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U.S. Senators and Reps Introduce Bipartisan Breast Cancer Treatment Bill

Location: Washington, DC


U.S. Senators and Reps Introduce Bipartisan Breast Cancer Treatment Bill
Lifetime Network Instrumental in Raising Awareness and Building Support

(Washington, D.C.) -- U.S. Senators Olympia J. Snowe (R-ME) and Mary L. Landrieu (D-LA) and U.S. Representatives Sue Kelly (R-NY) and Rosa DeLauro (D-CT) today introduced legislation to ensure that all breast cancer patients receive appropriate medical treatment. The Breast Cancer Patient Protection Act of 2005 would improve access to second opinions, lumpectomy, radiation therapy, and inpatient care so that women are not forced to undergo medically unnecessary mastectomies or settle for insufficient treatment. More than 10 million Lifetime viewers have voiced their support for this legislation by signing a petition at as part of the network's Stop Breast Cancer for Life advocacy campaign.

"At some point in their lives, nearly every American will have a family member or friend who battles breast cancer," said Snowe. "Our bipartisan legislation, introduced in the Senate and the House, empowers women and their doctors to make treatment decisions based on need, not short-term cost. The stress of a cancer diagnosis is debilitating. But to compound that stress, to leave a woman with the knowledge that she must undergo a disfiguring procedure due only to her financial position, is unconscionable."

"It is time for lawmakers to take a stand to ensure that women who suffer from breast cancer receive the care they need to survive," said Landrieu. "Buoyed by the committed efforts of Lifetime TV, patients' advocates and concerned individuals from around the country, Senator Snowe and I are working diligently in the Senate to build upon past bipartisan support and pass this legislation. It will go a long way toward protecting the rights of breast cancer patients in their most vulnerable times."

"We need to do everything possible to make life easier for a woman as she copes with the fear and reality of breast cancer," said Kelly. "This bill will help put some necessary treatment and coverage requirements in place to ensure women are not forced to fight breast cancer and red-tape at the same time. We have joined together in a very important and cohesive effort to help relieve some anxiety for breast cancer patients during their time of greatest need."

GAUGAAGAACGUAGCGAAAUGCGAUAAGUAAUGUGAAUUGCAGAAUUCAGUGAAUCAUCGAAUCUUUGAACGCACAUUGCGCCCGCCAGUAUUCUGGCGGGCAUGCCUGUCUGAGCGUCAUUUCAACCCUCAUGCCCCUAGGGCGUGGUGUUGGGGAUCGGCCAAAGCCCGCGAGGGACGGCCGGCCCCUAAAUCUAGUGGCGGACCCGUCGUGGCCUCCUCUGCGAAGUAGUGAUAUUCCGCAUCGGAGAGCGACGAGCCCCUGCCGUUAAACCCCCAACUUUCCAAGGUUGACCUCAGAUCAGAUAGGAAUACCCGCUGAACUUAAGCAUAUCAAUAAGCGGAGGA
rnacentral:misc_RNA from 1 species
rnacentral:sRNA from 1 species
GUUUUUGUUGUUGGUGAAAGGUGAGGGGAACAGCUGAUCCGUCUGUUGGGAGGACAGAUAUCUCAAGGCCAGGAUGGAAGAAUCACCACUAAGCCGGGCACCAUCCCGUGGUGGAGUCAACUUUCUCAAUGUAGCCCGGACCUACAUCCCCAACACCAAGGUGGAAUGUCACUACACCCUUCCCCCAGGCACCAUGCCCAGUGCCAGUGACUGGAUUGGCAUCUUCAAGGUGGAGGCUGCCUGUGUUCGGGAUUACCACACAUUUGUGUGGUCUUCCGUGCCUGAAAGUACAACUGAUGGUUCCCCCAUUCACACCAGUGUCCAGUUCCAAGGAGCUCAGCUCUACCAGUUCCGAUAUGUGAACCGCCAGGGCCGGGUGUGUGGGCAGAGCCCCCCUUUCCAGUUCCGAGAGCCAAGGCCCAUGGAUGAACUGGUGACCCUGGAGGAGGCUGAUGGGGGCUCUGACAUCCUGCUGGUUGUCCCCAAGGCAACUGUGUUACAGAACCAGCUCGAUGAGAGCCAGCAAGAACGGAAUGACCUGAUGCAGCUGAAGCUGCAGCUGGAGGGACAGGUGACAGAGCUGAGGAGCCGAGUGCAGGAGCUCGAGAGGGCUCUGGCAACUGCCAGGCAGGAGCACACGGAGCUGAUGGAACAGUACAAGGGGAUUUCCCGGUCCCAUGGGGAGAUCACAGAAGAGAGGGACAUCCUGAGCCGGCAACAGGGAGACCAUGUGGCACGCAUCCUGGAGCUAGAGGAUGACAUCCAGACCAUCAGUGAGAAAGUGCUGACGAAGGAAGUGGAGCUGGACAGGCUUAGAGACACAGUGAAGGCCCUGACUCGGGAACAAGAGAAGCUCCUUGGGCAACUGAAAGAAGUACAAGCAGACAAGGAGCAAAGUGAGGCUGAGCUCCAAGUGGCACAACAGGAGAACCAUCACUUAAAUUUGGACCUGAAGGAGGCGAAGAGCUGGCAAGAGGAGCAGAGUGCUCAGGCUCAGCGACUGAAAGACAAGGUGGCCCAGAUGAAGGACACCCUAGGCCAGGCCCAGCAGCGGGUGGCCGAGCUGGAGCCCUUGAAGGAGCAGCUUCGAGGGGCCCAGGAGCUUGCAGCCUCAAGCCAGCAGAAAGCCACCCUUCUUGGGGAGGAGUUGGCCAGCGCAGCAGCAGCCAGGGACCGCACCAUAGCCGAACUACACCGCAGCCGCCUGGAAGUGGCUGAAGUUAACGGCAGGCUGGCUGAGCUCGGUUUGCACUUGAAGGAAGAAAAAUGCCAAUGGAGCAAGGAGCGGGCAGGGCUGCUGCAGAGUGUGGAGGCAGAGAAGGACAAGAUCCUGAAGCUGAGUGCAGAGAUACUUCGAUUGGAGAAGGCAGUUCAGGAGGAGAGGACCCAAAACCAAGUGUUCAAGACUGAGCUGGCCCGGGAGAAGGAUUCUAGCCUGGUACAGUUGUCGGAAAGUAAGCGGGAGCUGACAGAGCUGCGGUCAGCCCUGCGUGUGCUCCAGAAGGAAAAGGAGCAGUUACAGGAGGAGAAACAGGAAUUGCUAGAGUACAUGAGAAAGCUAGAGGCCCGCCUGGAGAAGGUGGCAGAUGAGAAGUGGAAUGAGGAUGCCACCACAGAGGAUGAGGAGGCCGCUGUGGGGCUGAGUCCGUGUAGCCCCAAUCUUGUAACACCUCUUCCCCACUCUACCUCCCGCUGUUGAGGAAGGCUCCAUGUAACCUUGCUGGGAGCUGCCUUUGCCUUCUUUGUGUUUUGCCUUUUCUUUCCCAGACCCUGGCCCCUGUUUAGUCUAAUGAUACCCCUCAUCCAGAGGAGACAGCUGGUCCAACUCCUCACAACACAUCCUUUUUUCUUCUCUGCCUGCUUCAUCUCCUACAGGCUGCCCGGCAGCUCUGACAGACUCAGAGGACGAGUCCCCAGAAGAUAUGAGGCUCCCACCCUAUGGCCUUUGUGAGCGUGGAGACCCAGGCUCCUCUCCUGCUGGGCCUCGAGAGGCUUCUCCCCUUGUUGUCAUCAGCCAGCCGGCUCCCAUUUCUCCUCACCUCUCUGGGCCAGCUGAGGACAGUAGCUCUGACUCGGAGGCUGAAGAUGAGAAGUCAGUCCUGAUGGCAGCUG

"I first supported this legislation after a breast cancer surgeon in Connecticut came to me, concerned that women are forced to go home from the hospital before they are physically or emotionally ready," said DeLauro. "This bipartisan, common-sense legislation would put medical decisions back where they belong - between patients and their doctors. It has been propelled in the 109th Congress by the bipartisan, bicameral support of my colleagues and the grassroots momentum generated by Lifetime TV."

Today a woman in the United States has a 1 in 7 chance of developing breast cancer in her lifetime. Breast cancer is the second leading cause of death for women in America and just this year, over 216,000 women will receive a life-altering diagnosis of invasive breast cancer. Yet current standards of health care coverage have created a situation in which thousands of women have undergone mastectomies needlessly, and women have even undergone such critical surgery as an outpatient -- the "drive through mastectomy" -- to be sent home without critical support for their recovery.

The Breast Cancer Patient Protection Act of 2005 addresses these problems through creation of a set of crucial measures to ensure appropriate treatment. The legislation assures that reasonable inpatient care will be provided when a woman undergoes invasive treatment for breast cancer. This bill further removes the coverage inequities which cause many women to undergo surgery that might not be the most appropriate for them.

The bill's protections for those facing breast cancer include:

* A second opinion. This legislation assures a patient of a second opinion for any cancer diagnosis. A cancer diagnosis must be reliable.

* Inpatient coverage. The legislation provides that a health care provider cannot limit hospital stays for mastectomy or breast-conserving surgery to less than 48 hours, and also assures a 24 hour stay for lymph node dissection. While some patients may choose a shorter stay, this choice should be one in which doctor and patient concur. No woman should be forced to undergo invasive treatment on an outpatient basis.

* Support for lumpectomy treatment. This bill requires coverage for radiation therapy for patients undergoing lumpectomy. Together with the assurance of inpatient care, this Act removes the economic incentive for a woman to select mastectomy simply to reduce the immediate cost of treatment.

This bill will not only provide a higher standard of care, but will achieve long term cost savings as well. Lumpectomy followed by radiation is the preferable treatment for most women with early-stage breast cancer - but many women have undergone mastectomy because a lack of coverage -- yet the costs of breast reconstruction are often not considered. In fact, the finding that breast implants often entail additional surgeries and may pose health additional risks demonstrates one reason why long term costs are greater for mastectomy. Yet thousands continue to be subjected to unnecessary surgeries. This legislation will remedy this problem, and ensure women receive the most appropriate treatment to preserve their health.

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